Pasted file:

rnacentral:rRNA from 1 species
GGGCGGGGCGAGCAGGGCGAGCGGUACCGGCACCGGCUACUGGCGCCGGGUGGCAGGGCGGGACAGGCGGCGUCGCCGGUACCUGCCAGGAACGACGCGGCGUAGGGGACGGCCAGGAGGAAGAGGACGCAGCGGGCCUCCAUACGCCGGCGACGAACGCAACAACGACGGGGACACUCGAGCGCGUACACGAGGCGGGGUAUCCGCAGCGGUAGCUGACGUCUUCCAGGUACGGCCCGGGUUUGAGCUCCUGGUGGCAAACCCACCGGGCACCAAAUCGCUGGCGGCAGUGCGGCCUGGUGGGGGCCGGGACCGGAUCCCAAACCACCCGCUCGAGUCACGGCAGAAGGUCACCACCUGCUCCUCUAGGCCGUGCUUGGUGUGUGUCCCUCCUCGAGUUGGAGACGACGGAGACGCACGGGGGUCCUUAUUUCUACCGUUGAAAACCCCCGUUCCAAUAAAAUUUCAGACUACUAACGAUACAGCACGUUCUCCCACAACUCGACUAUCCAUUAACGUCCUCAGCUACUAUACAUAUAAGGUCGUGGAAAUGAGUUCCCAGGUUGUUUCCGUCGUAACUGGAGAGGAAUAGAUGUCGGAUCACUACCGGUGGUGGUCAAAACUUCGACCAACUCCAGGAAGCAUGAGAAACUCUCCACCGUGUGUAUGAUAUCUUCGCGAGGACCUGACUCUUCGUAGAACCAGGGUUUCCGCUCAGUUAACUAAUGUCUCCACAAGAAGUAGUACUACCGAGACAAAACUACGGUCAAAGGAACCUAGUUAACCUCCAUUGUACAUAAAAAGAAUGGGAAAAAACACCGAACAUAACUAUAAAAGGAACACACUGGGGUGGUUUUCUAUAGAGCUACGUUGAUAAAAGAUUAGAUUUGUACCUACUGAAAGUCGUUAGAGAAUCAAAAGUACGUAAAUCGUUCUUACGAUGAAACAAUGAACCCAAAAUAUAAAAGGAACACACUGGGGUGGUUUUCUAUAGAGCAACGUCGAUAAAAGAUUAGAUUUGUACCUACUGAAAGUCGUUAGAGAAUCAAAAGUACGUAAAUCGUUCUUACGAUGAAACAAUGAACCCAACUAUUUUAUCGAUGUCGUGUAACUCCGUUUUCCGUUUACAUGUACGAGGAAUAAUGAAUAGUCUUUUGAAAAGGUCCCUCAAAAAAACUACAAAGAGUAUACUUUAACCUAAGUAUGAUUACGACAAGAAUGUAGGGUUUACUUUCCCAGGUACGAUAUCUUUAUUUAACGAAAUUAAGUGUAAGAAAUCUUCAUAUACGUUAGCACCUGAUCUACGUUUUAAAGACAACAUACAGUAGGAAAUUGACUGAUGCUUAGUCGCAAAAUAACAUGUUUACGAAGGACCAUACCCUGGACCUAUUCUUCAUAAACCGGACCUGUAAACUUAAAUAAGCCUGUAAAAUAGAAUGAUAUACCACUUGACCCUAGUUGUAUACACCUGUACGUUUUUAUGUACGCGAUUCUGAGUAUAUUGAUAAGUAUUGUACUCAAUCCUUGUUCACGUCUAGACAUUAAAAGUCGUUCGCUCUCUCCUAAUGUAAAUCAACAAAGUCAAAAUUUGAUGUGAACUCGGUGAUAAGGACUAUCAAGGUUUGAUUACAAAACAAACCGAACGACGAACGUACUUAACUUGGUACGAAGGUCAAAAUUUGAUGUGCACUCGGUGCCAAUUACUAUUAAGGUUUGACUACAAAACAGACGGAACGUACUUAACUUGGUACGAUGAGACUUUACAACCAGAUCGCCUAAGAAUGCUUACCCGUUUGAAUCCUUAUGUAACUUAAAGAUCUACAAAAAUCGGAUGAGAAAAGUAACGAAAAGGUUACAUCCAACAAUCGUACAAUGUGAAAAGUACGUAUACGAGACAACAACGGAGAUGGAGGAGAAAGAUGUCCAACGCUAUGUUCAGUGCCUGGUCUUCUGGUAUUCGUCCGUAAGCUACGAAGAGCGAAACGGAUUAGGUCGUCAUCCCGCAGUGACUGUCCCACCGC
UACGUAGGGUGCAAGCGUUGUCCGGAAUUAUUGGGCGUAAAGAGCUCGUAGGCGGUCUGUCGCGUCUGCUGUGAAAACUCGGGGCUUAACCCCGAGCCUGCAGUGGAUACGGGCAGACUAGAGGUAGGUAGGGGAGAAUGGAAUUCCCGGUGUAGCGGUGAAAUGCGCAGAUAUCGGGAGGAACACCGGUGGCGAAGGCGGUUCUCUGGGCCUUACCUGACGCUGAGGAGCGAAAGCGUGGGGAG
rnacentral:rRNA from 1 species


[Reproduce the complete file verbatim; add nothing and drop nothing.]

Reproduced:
rnacentral:rRNA from 1 species
GGGCGGGGCGAGCAGGGCGAGCGGUACCGGCACCGGCUACUGGCGCCGGGUGGCAGGGCGGGACAGGCGGCGUCGCCGGUACCUGCCAGGAACGACGCGGCGUAGGGGACGGCCAGGAGGAAGAGGACGCAGCGGGCCUCCAUACGCCGGCGACGAACGCAACAACGACGGGGACACUCGAGCGCGUACACGAGGCGGGGUAUCCGCAGCGGUAGCUGACGUCUUCCAGGUACGGCCCGGGUUUGAGCUCCUGGUGGCAAACCCACCGGGCACCAAAUCGCUGGCGGCAGUGCGGCCUGGUGGGGGCCGGGACCGGAUCCCAAACCACCCGCUCGAGUCACGGCAGAAGGUCACCACCUGCUCCUCUAGGCCGUGCUUGGUGUGUGUCCCUCCUCGAGUUGGAGACGACGGAGACGCACGGGGGUCCUUAUUUCUACCGUUGAAAACCCCCGUUCCAAUAAAAUUUCAGACUACUAACGAUACAGCACGUUCUCCCACAACUCGACUAUCCAUUAACGUCCUCAGCUACUAUACAUAUAAGGUCGUGGAAAUGAGUUCCCAGGUUGUUUCCGUCGUAACUGGAGAGGAAUAGAUGUCGGAUCACUACCGGUGGUGGUCAAAACUUCGACCAACUCCAGGAAGCAUGAGAAACUCUCCACCGUGUGUAUGAUAUCUUCGCGAGGACCUGACUCUUCGUAGAACCAGGGUUUCCGCUCAGUUAACUAAUGUCUCCACAAGAAGUAGUACUACCGAGACAAAACUACGGUCAAAGGAACCUAGUUAACCUCCAUUGUACAUAAAAAGAAUGGGAAAAAACACCGAACAUAACUAUAAAAGGAACACACUGGGGUGGUUUUCUAUAGAGCUACGUUGAUAAAAGAUUAGAUUUGUACCUACUGAAAGUCGUUAGAGAAUCAAAAGUACGUAAAUCGUUCUUACGAUGAAACAAUGAACCCAAAAUAUAAAAGGAACACACUGGGGUGGUUUUCUAUAGAGCAACGUCGAUAAAAGAUUAGAUUUGUACCUACUGAAAGUCGUUAGAGAAUCAAAAGUACGUAAAUCGUUCUUACGAUGAAACAAUGAACCCAACUAUUUUAUCGAUGUCGUGUAACUCCGUUUUCCGUUUACAUGUACGAGGAAUAAUGAAUAGUCUUUUGAAAAGGUCCCUCAAAAAAACUACAAAGAGUAUACUUUAACCUAAGUAUGAUUACGACAAGAAUGUAGGGUUUACUUUCCCAGGUACGAUAUCUUUAUUUAACGAAAUUAAGUGUAAGAAAUCUUCAUAUACGUUAGCACCUGAUCUACGUUUUAAAGACAACAUACAGUAGGAAAUUGACUGAUGCUUAGUCGCAAAAUAACAUGUUUACGAAGGACCAUACCCUGGACCUAUUCUUCAUAAACCGGACCUGUAAACUUAAAUAAGCCUGUAAAAUAGAAUGAUAUACCACUUGACCCUAGUUGUAUACACCUGUACGUUUUUAUGUACGCGAUUCUGAGUAUAUUGAUAAGUAUUGUACUCAAUCCUUGUUCACGUCUAGACAUUAAAAGUCGUUCGCUCUCUCCUAAUGUAAAUCAACAAAGUCAAAAUUUGAUGUGAACUCGGUGAUAAGGACUAUCAAGGUUUGAUUACAAAACAAACCGAACGACGAACGUACUUAACUUGGUACGAAGGUCAAAAUUUGAUGUGCACUCGGUGCCAAUUACUAUUAAGGUUUGACUACAAAACAGACGGAACGUACUUAACUUGGUACGAUGAGACUUUACAACCAGAUCGCCUAAGAAUGCUUACCCGUUUGAAUCCUUAUGUAACUUAAAGAUCUACAAAAAUCGGAUGAGAAAAGUAACGAAAAGGUUACAUCCAACAAUCGUACAAUGUGAAAAGUACGUAUACGAGACAACAACGGAGAUGGAGGAGAAAGAUGUCCAACGCUAUGUUCAGUGCCUGGUCUUCUGGUAUUCGUCCGUAAGCUACGAAGAGCGAAACGGAUUAGGUCGUCAUCCCGCAGUGACUGUCCCACCGC
UACGUAGGGUGCAAGCGUUGUCCGGAAUUAUUGGGCGUAAAGAGCUCGUAGGCGGUCUGUCGCGUCUGCUGUGAAAACUCGGGGCUUAACCCCGAGCCUGCAGUGGAUACGGGCAGACUAGAGGUAGGUAGGGGAGAAUGGAAUUCCCGGUGUAGCGGUGAAAUGCGCAGAUAUCGGGAGGAACACCGGUGGCGAAGGCGGUUCUCUGGGCCUUACCUGACGCUGAGGAGCGAAAGCGUGGGGAG
rnacentral:rRNA from 1 species